For the past decade, this time of year has signaled the arrival of Canyon Movement Company’s spring dance festival. If this were a typical year, dancers with CMC and other companies across the state would be rehearsing their acts to perform for Flagstaff audiences. While always encompassing a wide variety of performance styles, the festival’s theme would often tie into world events, with last year’s, titled “Launch,” focusing on the 50th anniversary of the Apollo 11 moon landing.
The past few months of 2020 have been colored by uncertainty, with large gatherings banned, but rather than forgo a festival, CMC will present “Six Feet Apart: A Virtual Dance Experience,” available for streaming beginning Friday, May 29, at 6 p.m. through Saturday, May 30, at 9 p.m.
Like many other nonprofits during the COVID-19 pandemic, CMC has had to adapt to these strange times. One of the positives to come out of this, however, is that the virtual event will bring this year’s performances to a wider audience as well as bring dancers from other companies onboard.
“Before the pandemic we usually had at least one or two groups from Phoenix come up, and we tried to include as many local individual artists or groups that we could,” Gina Darlington, CMC’s executive director, explained. “We would have other groups request to be a part of it, but it’s always a budget issue and traveling [wasn’t always doable]. This way, pretty much anyone who wants to can be involved because they don’t have to travel.”
“Six Feet Apart” will feature dancers from Canyon Movement Company, Velocity Dance Company, Phoenix’s Movement Source Dance Company and Cazo Dance Company, and Oklahoma’s Perpetual Motion Dance Company, as well as local solo performers David Ramos and Jennifer Knott, and Sasha Chudak of Colorado.
Pre-recorded performances, set against backdrops of verdant pine trees or in the dancer’s living room,will explore topics ranging from plastic pollution and isolation to one dancer’s gender transition.
“I think sometimes it’s challenging to watch a lot of video on a screen when you’d much rather be seeing it live, but we have a good variety of really powerful dances,” Darlington said.
Streaming of the nearly two-hour program is free, although a $15 donation is suggested, with 100% of funds going to the Navajo Nation COVID-19 Relief Fund.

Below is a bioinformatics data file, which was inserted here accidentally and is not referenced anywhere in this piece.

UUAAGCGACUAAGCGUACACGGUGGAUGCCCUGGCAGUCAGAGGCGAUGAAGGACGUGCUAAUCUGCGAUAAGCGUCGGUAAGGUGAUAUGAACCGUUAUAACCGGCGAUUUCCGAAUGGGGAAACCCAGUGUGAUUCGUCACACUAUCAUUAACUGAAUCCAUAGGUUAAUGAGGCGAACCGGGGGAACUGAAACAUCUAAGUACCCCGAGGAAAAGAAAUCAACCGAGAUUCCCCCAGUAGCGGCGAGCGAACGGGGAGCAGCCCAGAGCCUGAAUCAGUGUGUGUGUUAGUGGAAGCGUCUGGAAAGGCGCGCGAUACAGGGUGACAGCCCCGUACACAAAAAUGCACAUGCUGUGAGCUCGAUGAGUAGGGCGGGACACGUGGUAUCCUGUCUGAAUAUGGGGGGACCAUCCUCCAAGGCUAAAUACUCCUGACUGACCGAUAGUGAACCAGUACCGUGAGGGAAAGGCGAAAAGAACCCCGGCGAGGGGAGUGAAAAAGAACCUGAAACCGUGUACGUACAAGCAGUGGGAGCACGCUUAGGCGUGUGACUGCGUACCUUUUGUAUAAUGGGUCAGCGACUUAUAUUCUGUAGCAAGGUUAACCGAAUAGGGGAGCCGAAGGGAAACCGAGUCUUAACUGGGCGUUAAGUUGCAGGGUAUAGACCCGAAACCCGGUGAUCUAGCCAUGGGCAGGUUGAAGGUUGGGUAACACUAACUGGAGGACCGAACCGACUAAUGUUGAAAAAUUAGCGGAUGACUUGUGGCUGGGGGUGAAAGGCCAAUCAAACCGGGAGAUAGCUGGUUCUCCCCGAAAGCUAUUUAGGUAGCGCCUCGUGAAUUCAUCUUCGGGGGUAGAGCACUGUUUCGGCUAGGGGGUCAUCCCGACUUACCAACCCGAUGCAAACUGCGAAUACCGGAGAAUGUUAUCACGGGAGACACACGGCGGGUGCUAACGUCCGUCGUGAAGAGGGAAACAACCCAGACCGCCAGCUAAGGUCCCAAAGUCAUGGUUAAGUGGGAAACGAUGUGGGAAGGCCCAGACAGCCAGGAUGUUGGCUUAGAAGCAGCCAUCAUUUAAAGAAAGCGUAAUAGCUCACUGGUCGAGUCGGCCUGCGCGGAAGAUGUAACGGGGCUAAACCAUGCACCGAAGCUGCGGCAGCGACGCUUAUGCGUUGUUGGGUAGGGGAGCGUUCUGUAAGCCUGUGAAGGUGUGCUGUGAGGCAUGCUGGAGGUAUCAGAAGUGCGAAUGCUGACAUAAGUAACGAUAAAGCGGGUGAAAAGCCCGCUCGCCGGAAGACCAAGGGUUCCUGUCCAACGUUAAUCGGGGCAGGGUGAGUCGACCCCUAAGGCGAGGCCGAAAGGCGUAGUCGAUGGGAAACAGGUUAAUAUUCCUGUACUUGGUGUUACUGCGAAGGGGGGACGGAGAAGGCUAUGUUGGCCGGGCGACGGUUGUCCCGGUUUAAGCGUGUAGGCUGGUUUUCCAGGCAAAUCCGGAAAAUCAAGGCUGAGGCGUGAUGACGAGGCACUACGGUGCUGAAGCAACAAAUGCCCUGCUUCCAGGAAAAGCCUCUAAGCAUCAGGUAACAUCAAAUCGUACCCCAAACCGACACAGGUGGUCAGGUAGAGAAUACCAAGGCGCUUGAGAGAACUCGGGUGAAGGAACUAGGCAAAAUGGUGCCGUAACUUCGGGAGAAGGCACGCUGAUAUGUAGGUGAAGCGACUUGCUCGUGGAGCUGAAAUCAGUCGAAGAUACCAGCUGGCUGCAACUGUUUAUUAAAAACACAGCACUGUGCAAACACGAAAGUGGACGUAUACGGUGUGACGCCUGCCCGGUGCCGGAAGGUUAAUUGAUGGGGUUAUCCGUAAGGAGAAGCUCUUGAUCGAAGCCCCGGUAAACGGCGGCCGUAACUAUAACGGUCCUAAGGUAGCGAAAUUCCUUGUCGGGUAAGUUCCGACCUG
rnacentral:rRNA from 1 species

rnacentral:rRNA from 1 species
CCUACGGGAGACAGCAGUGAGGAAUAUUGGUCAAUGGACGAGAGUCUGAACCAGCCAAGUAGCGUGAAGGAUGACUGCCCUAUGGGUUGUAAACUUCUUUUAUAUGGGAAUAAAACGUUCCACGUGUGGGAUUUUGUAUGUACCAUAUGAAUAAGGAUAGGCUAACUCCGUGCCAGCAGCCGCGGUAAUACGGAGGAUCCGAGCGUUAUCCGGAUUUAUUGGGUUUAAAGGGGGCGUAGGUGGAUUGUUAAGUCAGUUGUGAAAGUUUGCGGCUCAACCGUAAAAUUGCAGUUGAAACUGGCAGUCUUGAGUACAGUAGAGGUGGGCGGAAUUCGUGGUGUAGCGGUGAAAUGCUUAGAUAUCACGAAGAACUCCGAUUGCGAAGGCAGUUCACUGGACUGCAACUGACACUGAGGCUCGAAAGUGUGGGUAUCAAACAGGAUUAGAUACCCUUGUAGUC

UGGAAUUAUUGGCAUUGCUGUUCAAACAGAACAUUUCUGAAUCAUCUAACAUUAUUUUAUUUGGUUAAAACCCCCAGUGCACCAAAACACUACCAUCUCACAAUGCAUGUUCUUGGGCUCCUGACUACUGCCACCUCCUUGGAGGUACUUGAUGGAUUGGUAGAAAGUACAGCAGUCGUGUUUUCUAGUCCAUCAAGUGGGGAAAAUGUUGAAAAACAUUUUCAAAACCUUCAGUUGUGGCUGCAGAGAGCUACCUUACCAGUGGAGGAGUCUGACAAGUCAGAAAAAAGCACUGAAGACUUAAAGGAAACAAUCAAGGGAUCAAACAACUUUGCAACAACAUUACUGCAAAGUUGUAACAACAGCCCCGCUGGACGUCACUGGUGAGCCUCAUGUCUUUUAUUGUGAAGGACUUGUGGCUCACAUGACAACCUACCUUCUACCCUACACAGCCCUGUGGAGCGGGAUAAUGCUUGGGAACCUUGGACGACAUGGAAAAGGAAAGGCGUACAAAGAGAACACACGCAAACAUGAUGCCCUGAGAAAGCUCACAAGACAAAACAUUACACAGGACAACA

“We do work with a school in Tuba City every year, we have a good connection with that group,” Darlington said. “[The Navajo Nation] is the place where the most need is in northern Arizona and it’s part of our community. We’re neighbors, and so many people who live there, we interact with all the time. It just feels like it’s the right thing to do.”
As performances turn to the digital realm, so has CMC’s educational component, Canyon Dance Academy, with donation-based Zoom classes allowing students to continue training from a distance while families may be dealing with an uncertain source of income. The donations have provided CMC with a portion of its regular tuition amount, which has helped pay rent and utilities at the studio on North Izabel Street. Grant money from the Flagstaff Arts Council’s COVID-19 Nonprofit Relief Fund has gone toward paying teachers their regular contract amount through May. Darlington said youth and adult dancers are looking forward to getting back in the studio to rehearse and choreograph together, albeit still at a distance.
“It is what we do,” she said. “It’s our passion, it’s our art.”
As the studio looks to reopen in-person classes beginning June 1, the safety of its students and teachers is of the utmost importance. Rigorous cleaning protocols have been implemented as well as social distancing measures, and a HEPA filter air purifier—which can remove nearly 98% of virus particles from a room—will continuously clean the air during classes.
Still, Darlington knows any sense of normalcy is still a ways out as she’s seen other dance studios in the state permanently close due to lack of, or reduced, income the past two months.
“Buying food and paying your utilities and mortgage become the priority when you’re short on money,” Darlington said. “As important as we all know and feel the arts are, it becomes secondary to surviving, so I don’t know how long it’ll take to recover.”
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